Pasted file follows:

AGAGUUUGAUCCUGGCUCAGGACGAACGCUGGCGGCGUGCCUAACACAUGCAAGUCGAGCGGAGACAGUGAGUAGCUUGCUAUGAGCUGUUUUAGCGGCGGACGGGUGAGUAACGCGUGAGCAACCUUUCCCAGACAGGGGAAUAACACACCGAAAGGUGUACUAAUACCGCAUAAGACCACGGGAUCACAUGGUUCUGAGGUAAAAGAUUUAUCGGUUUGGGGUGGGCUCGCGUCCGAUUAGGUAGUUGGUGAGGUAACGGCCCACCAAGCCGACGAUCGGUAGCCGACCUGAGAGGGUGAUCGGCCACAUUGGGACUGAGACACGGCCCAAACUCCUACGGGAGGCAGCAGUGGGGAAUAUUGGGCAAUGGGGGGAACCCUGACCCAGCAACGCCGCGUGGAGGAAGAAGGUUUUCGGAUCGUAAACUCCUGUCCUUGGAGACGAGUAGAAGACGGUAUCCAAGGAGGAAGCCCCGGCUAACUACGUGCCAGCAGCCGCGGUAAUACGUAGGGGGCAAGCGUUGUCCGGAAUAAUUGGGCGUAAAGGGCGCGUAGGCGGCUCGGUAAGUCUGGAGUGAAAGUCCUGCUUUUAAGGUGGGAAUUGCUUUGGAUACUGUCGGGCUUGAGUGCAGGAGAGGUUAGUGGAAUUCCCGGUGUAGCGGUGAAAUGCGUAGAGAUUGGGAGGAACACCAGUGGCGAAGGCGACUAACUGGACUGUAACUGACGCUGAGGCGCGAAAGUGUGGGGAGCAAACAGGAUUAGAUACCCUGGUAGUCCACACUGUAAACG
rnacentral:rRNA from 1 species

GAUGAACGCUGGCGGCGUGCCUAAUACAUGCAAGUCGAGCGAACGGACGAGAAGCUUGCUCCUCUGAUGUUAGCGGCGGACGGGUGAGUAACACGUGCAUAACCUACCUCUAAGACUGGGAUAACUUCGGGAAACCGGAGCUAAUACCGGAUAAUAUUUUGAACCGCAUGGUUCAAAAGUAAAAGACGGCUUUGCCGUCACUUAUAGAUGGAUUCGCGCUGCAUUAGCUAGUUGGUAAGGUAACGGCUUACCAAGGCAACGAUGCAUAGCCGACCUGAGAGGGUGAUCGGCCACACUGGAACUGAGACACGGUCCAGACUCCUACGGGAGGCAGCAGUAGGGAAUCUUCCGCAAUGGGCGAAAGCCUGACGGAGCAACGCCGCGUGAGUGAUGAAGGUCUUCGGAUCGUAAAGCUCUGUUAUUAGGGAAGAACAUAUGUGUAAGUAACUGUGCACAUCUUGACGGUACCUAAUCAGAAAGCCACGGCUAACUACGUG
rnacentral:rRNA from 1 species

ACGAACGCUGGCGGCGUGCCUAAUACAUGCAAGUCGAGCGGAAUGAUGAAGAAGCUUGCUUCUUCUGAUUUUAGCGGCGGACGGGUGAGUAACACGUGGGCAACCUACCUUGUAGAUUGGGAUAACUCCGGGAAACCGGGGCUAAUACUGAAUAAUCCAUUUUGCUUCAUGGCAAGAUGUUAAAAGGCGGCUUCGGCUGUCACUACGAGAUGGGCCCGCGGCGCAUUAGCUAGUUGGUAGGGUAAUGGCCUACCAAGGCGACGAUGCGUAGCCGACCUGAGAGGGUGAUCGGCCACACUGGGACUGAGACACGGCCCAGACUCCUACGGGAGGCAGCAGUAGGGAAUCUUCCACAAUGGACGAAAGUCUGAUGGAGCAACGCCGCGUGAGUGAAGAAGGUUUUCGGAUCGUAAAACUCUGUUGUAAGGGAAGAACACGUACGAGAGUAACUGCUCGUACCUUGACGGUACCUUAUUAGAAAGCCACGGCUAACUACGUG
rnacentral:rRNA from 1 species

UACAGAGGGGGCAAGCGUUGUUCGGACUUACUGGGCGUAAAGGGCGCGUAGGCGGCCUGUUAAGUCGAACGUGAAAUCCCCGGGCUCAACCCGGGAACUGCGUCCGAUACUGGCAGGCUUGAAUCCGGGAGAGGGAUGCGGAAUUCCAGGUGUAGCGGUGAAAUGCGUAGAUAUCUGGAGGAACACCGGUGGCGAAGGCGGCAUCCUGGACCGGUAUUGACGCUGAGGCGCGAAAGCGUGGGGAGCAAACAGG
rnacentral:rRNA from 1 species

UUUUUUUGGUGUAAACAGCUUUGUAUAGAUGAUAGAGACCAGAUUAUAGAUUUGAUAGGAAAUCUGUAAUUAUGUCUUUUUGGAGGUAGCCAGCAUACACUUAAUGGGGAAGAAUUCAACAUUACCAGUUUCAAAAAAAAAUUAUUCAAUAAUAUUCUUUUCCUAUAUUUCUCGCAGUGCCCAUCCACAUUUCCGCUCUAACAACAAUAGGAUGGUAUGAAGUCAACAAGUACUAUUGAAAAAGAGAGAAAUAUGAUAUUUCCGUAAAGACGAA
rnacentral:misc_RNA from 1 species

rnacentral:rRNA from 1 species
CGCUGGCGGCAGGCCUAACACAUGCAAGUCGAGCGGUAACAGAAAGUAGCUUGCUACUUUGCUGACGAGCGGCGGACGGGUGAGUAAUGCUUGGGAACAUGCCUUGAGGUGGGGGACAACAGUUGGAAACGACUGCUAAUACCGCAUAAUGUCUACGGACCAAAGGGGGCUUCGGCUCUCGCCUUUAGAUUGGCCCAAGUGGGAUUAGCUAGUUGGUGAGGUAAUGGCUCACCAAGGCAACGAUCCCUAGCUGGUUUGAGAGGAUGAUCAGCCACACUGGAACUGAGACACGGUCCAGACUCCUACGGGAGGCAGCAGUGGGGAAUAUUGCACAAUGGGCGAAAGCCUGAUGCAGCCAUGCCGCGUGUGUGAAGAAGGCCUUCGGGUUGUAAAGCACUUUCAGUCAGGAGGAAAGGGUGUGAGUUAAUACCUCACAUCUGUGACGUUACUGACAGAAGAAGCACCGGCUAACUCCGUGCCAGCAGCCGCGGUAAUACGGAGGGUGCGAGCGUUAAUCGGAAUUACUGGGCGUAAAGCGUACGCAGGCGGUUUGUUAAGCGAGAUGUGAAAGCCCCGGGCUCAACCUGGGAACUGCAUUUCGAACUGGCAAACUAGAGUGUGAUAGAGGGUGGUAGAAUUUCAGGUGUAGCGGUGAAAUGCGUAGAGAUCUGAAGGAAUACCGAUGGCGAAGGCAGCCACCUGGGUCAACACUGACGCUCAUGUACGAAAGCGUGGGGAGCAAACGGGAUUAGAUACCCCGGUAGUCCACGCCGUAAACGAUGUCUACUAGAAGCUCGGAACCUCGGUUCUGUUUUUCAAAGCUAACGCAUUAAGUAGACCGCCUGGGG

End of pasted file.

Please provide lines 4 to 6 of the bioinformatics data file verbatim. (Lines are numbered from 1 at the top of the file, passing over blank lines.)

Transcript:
rnacentral:rRNA from 1 species

ACGAACGCUGGCGGCGUGCCUAAUACAUGCAAGUCGAGCGGAAUGAUGAAGAAGCUUGCUUCUUCUGAUUUUAGCGGCGGACGGGUGAGUAACACGUGGGCAACCUACCUUGUAGAUUGGGAUAACUCCGGGAAACCGGGGCUAAUACUGAAUAAUCCAUUUUGCUUCAUGGCAAGAUGUUAAAAGGCGGCUUCGGCUGUCACUACGAGAUGGGCCCGCGGCGCAUUAGCUAGUUGGUAGGGUAAUGGCCUACCAAGGCGACGAUGCGUAGCCGACCUGAGAGGGUGAUCGGCCACACUGGGACUGAGACACGGCCCAGACUCCUACGGGAGGCAGCAGUAGGGAAUCUUCCACAAUGGACGAAAGUCUGAUGGAGCAACGCCGCGUGAGUGAAGAAGGUUUUCGGAUCGUAAAACUCUGUUGUAAGGGAAGAACACGUACGAGAGUAACUGCUCGUACCUUGACGGUACCUUAUUAGAAAGCCACGGCUAACUACGUG
rnacentral:rRNA from 1 species